A man was stabbed in the neck after challenging a woman about racist remarks he believed she had made to a black passer-by, the High Court has heard.
The wound inflicted on the 25-year-old victim in south Belfast was just millimetres away from severing a main artery, prosecutors revealed.
Lisa Murphy (27), of Parkdale House, Dunmurry, faces charges of causing grievous bodily harm with intent and threats to kill in connection with the knifing.
She was refused bail after a judge described the alleged attack as “an act of appalling lawlessness in a public place”.
The victim and friends had left Madison's Bar on Botanic Avenue when the attack happened in the early hours of August 26.
Once outside they overheard a woman making racist comments about a black passer-by and challenged her, according to the prosecution.
Mr Justice McCloskey was told the group left to walk up nearby Cromwell Road when they heard glass smashing behind them.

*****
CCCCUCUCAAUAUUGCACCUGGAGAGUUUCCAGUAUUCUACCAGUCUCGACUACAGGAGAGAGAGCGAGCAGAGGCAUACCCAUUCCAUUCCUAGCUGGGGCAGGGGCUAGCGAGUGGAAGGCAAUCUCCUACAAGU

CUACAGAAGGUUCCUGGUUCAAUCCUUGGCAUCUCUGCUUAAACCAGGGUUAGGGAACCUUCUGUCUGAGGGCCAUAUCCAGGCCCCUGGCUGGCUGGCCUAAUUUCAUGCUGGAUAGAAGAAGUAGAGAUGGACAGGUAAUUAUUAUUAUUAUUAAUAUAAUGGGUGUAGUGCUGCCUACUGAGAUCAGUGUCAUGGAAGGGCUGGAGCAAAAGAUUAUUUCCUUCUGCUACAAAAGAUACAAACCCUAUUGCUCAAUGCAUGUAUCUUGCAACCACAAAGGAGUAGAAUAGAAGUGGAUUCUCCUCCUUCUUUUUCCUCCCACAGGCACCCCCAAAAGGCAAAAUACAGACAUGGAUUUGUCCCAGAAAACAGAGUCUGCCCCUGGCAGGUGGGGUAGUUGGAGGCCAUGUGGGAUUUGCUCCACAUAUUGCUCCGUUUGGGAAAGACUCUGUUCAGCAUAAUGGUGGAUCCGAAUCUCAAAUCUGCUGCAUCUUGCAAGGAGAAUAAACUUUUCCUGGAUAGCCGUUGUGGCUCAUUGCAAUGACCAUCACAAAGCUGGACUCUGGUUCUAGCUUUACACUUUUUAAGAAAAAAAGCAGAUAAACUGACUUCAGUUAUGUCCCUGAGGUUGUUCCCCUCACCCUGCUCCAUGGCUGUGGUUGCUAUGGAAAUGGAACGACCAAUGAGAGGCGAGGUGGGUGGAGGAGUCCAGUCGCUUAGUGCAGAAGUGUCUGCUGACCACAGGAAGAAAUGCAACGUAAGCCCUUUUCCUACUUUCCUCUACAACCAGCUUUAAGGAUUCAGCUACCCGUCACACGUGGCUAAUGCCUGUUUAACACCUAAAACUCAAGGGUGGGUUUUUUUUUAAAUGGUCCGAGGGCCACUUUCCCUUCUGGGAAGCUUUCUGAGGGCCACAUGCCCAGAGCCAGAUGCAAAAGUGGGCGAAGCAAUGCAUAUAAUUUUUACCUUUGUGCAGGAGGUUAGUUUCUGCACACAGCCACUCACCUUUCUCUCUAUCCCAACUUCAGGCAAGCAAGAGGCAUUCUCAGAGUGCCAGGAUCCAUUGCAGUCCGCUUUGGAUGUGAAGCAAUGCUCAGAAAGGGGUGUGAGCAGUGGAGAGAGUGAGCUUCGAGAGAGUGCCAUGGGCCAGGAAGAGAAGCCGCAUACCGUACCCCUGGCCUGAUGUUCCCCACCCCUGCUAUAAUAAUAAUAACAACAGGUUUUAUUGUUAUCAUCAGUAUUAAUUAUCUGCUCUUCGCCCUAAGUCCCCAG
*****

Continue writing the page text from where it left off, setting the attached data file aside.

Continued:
It was alleged that two women shouted after them: “We are going to kill you. Do you know who you are walking away from?” The victim then claimed to see a woman moving a knife in front of his face, before he realised he had been stabbed.
“There was a three-inch cut to his neck which required six stitches. It was 2mm away from a main artery,” a prosecution barrister said.
CCTV images show the two groups but do not depict the actual stabbing, the court heard.
Following her arrest Murphy told police she had been on Botanic Avenue when verbal abuse was directed at her.
She claimed to have been punched and hit back in retaliation, but denied the stabbing or any use of a knife.
Her barrister Michael Boyd said: “The abuse from the alleged victim and his group increased in volume and in vulgarity.
“She does not know and cannot explain how the alleged victim has sustained the injury he sustained. She did not inflict it because she did not have any weapon on her.”
However, Mr Justice McCloskey refused bail due to perceived risk to the public.
The judge commented: “There are several accounts before the court. None of those accounts begin to constitute, at the moment, the remotest justification for this act of appalling lawlessness in a public place.”